Popular culture can be defined as visual art that is predominantly functional or utilitarian in nature, created by hand (or with limited mechanical facilities) for use by the maker or a small circumscribed group of people, and containing an element of retention—the prolonged survival of a traditional way of life. Folk art is the artistic expression of the human fight for civilization within a certain environment, expressed via the development of functional but aesthetically pleasing structures and artefacts, such as houses and objects.
Developmental patterns are a type of pattern.
The vast research into European and American folk art that has been conducted over the past century has revealed specific patterns of growth in folk art. These patterns are susceptible to alteration as the field grows and refines its understanding of them, but they serve as a foundation upon which cultural variances and less common or random events can be taken into consideration.
Folk art has a functional component to it.
As a result, the art is frequently labelled as primarily practical or utilitarian, despite the fact that key categories of art are categorically not functional, such as the widespread miniatures created solely for the enjoyment of the viewer. It is true, however, that a significant amount of artistic effort was expended in order to meet basic needs. As a leisure activity for the folk group, where occupations were often seasonal or weather-dependent and where people had to provide their own amusement, the creation of useful objects became a source of inspiration for people’s creativity; a shuttle could be transformed with carving, a chest could be painted with designs, and even the corset stay became an art form. As a result, folk art (as well as “primitive” art) is best studied when the full handmade product is considered, and consideration is given to both its cultural and aesthetic relevance. It varies from the study of sophisticated art, where there has long been a separation between fine and applied arts, as well as a tendency to reject, or at the very least isolate, utilitarian forms from more strictly aesthetic forms.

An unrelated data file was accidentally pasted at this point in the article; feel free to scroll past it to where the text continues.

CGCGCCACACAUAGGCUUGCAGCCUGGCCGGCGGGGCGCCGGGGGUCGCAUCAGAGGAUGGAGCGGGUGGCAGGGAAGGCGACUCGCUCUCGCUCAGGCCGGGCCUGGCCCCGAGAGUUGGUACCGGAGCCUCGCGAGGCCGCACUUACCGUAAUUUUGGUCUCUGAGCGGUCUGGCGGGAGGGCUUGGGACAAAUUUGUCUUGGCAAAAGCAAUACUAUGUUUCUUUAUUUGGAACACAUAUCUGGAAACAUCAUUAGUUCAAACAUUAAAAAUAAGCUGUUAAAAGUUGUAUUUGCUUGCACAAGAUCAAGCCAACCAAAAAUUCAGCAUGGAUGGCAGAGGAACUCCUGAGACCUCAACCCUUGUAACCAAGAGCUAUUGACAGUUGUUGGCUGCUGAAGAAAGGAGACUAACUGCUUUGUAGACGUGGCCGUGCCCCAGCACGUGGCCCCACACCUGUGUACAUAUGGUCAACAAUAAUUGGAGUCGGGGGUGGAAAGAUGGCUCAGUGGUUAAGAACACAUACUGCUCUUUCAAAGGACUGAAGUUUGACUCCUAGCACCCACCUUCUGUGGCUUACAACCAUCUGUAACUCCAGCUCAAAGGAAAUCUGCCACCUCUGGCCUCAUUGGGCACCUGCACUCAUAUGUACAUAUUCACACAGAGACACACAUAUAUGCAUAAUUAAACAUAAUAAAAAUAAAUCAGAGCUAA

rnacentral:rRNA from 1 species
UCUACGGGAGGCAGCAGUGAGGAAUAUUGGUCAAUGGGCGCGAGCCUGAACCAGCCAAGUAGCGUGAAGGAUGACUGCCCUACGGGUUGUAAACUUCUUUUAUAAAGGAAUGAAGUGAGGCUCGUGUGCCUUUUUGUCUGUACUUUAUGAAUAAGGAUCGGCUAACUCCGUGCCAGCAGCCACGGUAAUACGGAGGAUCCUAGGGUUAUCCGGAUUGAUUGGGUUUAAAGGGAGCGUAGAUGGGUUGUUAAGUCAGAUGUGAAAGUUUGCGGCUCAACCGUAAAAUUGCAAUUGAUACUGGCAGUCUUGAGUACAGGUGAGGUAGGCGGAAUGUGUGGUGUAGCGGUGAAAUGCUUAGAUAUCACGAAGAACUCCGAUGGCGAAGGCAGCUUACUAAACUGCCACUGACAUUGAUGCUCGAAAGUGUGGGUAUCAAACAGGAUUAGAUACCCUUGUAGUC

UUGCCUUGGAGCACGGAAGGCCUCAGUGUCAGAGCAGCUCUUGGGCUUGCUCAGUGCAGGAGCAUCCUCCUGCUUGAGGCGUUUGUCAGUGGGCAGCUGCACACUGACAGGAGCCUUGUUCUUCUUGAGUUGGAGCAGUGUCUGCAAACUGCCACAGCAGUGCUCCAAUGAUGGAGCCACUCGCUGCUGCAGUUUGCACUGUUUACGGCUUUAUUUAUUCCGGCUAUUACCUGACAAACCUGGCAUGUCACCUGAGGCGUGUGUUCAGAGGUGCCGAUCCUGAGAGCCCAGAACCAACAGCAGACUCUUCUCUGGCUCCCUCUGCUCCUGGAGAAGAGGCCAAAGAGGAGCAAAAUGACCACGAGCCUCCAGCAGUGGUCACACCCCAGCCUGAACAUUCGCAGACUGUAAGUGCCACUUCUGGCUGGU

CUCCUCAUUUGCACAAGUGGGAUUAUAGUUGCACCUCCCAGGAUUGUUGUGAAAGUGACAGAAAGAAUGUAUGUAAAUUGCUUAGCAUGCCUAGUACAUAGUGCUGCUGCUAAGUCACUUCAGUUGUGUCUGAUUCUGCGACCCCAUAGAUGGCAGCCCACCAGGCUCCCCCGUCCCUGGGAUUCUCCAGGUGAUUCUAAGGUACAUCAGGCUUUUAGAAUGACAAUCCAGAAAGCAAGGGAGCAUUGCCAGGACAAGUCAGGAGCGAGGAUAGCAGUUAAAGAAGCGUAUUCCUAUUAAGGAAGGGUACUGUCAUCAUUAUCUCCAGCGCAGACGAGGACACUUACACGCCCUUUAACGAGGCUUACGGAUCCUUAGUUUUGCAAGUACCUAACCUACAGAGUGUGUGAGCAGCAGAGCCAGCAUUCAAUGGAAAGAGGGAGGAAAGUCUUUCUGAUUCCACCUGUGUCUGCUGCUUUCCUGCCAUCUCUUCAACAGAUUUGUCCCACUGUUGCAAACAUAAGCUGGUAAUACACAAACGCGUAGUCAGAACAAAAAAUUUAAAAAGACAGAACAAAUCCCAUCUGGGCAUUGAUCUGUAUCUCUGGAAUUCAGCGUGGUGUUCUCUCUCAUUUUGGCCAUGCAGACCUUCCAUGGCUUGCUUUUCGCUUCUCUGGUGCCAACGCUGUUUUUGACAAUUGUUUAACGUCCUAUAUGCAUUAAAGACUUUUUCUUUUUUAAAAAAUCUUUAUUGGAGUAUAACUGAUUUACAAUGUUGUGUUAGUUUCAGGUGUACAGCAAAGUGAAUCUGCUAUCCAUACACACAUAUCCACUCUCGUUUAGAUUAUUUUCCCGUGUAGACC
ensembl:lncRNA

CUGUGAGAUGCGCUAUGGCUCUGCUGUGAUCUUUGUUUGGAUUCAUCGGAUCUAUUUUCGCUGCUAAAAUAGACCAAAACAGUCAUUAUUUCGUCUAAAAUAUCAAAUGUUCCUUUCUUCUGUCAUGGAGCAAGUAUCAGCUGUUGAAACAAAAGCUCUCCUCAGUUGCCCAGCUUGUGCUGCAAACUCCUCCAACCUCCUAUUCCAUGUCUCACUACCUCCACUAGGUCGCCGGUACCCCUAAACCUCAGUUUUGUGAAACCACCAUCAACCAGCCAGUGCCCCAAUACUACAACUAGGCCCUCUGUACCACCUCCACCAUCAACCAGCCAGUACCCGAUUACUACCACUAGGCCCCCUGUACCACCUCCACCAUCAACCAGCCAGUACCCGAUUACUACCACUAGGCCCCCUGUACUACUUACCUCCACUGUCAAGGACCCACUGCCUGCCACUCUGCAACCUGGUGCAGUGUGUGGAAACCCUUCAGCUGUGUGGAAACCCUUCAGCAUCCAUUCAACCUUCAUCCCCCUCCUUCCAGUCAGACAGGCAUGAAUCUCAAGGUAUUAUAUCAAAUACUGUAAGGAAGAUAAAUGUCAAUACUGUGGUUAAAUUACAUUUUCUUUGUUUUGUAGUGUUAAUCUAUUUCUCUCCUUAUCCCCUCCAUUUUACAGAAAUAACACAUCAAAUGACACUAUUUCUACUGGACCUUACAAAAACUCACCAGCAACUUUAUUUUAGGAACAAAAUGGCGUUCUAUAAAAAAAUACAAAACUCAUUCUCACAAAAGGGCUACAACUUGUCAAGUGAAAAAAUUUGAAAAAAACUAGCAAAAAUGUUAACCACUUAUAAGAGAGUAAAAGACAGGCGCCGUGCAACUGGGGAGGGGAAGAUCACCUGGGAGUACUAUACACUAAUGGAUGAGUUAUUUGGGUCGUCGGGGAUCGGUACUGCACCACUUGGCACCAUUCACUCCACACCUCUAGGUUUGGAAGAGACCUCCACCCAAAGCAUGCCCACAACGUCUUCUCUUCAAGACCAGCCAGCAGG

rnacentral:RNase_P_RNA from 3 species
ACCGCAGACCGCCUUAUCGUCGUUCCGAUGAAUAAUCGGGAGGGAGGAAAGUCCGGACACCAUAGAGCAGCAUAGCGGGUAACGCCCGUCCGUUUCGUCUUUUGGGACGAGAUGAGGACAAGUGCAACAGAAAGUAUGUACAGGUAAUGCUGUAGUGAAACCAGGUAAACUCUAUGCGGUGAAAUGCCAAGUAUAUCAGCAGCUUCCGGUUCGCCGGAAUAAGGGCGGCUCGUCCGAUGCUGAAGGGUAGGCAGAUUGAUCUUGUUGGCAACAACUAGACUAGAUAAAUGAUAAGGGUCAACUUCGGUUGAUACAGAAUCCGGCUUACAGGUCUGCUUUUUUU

Folk art was not intended for display in museums. Indeed, some were made to last, such as legal documents, family portraits, and gravestones; others were made purely for display, such as the Pennsylvania Germans’ “show towel” and the sampler (a piece of needlework with letters or verses embroidered on it as an example of skill); and certain family heirlooms were passed down from generation to generation. On the whole, however, there was a lack of concern about long-term preservation as long as the function was fulfilled, and much of the art was expected to be either consumed or thrown after its celebratory outing. Especially prevalent is intentionally ephemeral folk art, such as the marriage bowl broken after the ceremony, paper objects burned at funerals, festival breads, carnival figures, graffiti and snowmen; temporary symbolic designs were drawn on the threshold on feast days in India, and flower petals were formed for religious processions in Italy, among other things. Folk art collections, which are thus reliant at least in part on chance for survival, must be supported by photographic and textual documentation in order to provide a comprehensive picture of the entire field of art.